You have been on the quest to find a new job and during your endeavors, you had the task to disseminate a many applications as possible to numerous organizations. Eventually, you landed an interview in one of the organizations. How do you prepare?
Fine. For someone who has been in the job qua-drum for a number of years and worked for different companies would be very familiar with what the employer would want to know from you. But at certain point, employers tend to change the tactics of questioning the interviewees.
Doing appropriate research about the company is so basic for any job seeker. But is that all? With the changing job market and the increasingly dynamic economy, stiffness within the employment sector is likely to be experienced. For this reason, it is advisable to know the dos and donts of an interview.
The following three questions should not feature at all before and during the interview.
1. How much is this position pay?
One last thing the employer will want to hear from you is queries about salary. An employer will be attracted to things you say about yourself and past job experience. Raising the question of payment for the job not already granted shows your interest in the salary rather than the company itself.
Instead, direct this question to the appropriate Human Resource manager. Unless the query is raised by the interviewer (which is a seldom occasion), matters to do with salary ought to be placed in your cover later with crystal indication of the future changes.
I understand some organizations may raise the question to do with salary during the interviews, especially where the organization has not displayed the payment on the job advert. If so, then properly give information that is not deceitful in relation to your CV and previous employments.
2. How long do you work in a day?
Time is a crucial element to any organization, specifically the working time bracket. But let not this fool you! A profit company that aims at making great profits will be in need of industrious employees. No company will employ sloths.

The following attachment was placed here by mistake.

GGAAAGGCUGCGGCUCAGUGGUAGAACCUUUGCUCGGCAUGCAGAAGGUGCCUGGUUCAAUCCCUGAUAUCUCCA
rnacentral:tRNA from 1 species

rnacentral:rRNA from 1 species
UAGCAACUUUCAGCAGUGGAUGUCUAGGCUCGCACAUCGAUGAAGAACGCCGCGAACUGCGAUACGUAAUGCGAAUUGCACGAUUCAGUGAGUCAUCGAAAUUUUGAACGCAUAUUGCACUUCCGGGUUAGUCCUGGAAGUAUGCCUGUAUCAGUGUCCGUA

Asking this kind of question brings out a notion leaning more towards a personality that is remiss. If this is what the company portrays of you, then forget about obtaining that position. Instead, ask about the organization’s operation during work days.
Therefore, keep the question of time to your memory and following the regular scheduling of work in a company, I’m sure you’ll follow through the schedule easily(if given the job of course)
3. Did I get the job?
When does one know that he/she has qualified for the job one longed to get? There are many ways of knowing if you’ve qualified for the job in any organization and the most prevalent of them is getting a call. Also, the interviewer(s), after the interview is over, will take some time gauging how the interviewees performed and later will inform you if you’re best for the position. An interviewee asking for it is certainly not one of them.
You will be seen as being edgy or too ready to start working. Again, it will sound a bit awkward especially in such a situation where you’re new to the company and the organization has not established any sort of relationship with you. To correct that, ask something simple, completely indirect but related. ‘Does this company conduct regular recruitment regarding this position?’
A full disclosure of the possibility of the organisation hiring more people will be availed to you. And this will be in the detailed explanation in such a way that the probability of you getting that job will be clearly seen.
This article first appeared on http://www.capitalfm.co.ke/campus/3 questions first time job seekers should NOT ask during interviews